The Coconut Collaborative: ‘We see the plant-based yogurt category just exploding'

By Elaine Watson contact

- Last updated on GMT

There’s a reason why plant-based yogurts haven’t achieved anything close to the category share of plant-based milks – and it’s not simply that they are newer to market – claims Edward Averdieck, CEO at British coconut yogurt and dessert brand The Coconut Collaborative: “They don’t taste very nice.”

Founded in 2014 by Edward’s twin brother James – who is something of a legend in the British food industry after founding upmarket chocolate dessert brand Gü and selling it six years later for a reported £32m – The Coconut Collaborative​ was an instant hit in the UK, and is now on a mission to see if it can emulate its success this side of the Atlantic.

And so far, things are looking pretty encouraging, says Averdieck, who secured his first US listings at Wegmans last November and has seen good repurchase rates for the yogurt alternatives in several accounts in the New York Metro area, which he admits was an “huge relief​” given that there is no guarantee that just because something resonates in one market, it will work in another.

He also got very encouraging feedback at the Natural Products Expo West show for the brand’s dairy-free chocolate and mango mini coconut cream-based ‘paradise pots’ and ‘Little coco nutters’ pouches combining coconut yogurt and fruit puree with no added sugars and added calcium, which he says give parents some more enticing dairy-free options in the desserts category, which is still dominated by legacy brands such as Jell-O.

We have about half of the sugar of the brand leader in the coconut yogurt category

Speaking to FoodNavigator-USA from the showfloor, Averdieck said the brand uses cultures that help it achieve a creamy and indulgent taste and mouthfeel.

We love dairy yogurts and that’s what we benchmark against,” ​he said. “With coconut you can make a plant-based yogurt taste as good or better than a dairy equivalent. We absolutely see this category just exploding if you can make the products taste good.”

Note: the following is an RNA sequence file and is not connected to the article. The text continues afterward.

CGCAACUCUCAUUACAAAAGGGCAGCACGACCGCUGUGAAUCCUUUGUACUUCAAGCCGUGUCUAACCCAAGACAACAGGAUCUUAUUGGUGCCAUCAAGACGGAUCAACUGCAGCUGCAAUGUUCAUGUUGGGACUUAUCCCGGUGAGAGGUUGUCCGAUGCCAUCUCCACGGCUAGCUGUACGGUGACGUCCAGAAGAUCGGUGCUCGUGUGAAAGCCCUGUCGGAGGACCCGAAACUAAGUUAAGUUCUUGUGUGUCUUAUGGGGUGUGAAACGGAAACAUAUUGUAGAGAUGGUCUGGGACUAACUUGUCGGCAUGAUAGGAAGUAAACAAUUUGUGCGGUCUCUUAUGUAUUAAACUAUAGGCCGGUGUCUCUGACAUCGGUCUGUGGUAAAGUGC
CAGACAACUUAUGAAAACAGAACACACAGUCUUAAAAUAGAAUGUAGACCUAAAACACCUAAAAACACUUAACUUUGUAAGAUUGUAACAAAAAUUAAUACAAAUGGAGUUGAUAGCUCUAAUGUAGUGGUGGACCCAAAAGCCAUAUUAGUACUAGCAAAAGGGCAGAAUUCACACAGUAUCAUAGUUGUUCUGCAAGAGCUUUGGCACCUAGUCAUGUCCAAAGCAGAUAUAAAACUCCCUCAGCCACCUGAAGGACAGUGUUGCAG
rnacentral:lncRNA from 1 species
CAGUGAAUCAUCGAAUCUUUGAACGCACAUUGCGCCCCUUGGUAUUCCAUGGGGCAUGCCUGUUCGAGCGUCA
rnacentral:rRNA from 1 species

He added: “What’ve we’ve tried to do is create a very whipped creamy texture which is quite unique… very low in sugar, about half of the sugar of the brand leader in the coconut yogurt category ​[5-7g sugar/serving vs 12-24g in other brands].”

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coconut-collaborative-desserts
coconut-collaborative-pouches

I like dairy myself and love cream in my porridge

As for the branding, while many natural and organic brands have adopted cleaner, brighter, more accessible packaging to broaden their appeal and started injecting more fun into healthy or better for you products, some ‘free-from’ brands can still be a little virtuous in their branding and marketing, which can restrict the audience, he said.

At Coconut Collaborative, by contrast, taste is king, and the products are for everyone (they taste amazing and happen to be dairy-free and lower in sugar).

“The vegan and lactose intolerant markets are important constituents and they’ve definitely got this market going,” ​said Averdieck. “But I like dairy myself and love cream in my porridge, and like many people I like going dairy free one or two days a week, and I think to do that you’ve got to break out of this kind of virtuous market.

 “If you confine something to the vegan market, it’s a great niche to be in, but it’s never going to be mass market, so branding needs to be engaging and fun in this market, so we have a saying, we call it free from dairy, but not from temptation ​[thus the Adam and Eve branding].”

purprojet

Available in original, mango and passionfruit, blueberry, and vanilla in the US, The Coconut Collaborative yogurts contain 5-7g sugar and are made from coconut milk, tapioca and potato starch, pectin, and non-dairy cultures.

The smaller, but more indulgent, paradise pots - in chocolate ganache and lemon ganache SKUs - contain 5-8g sugar and are made with coconut cream.

The Coconut Collaborative​ works with PUR Projet​ to give coconut seedlings to farmers in the Philippines and North Bali, says the company: "These locals farmers then plant them and boom – five years later they’ve got a tree loaded with coconuts. They’re then free to sell them at markets or use them to feed their family or farmyard animals."

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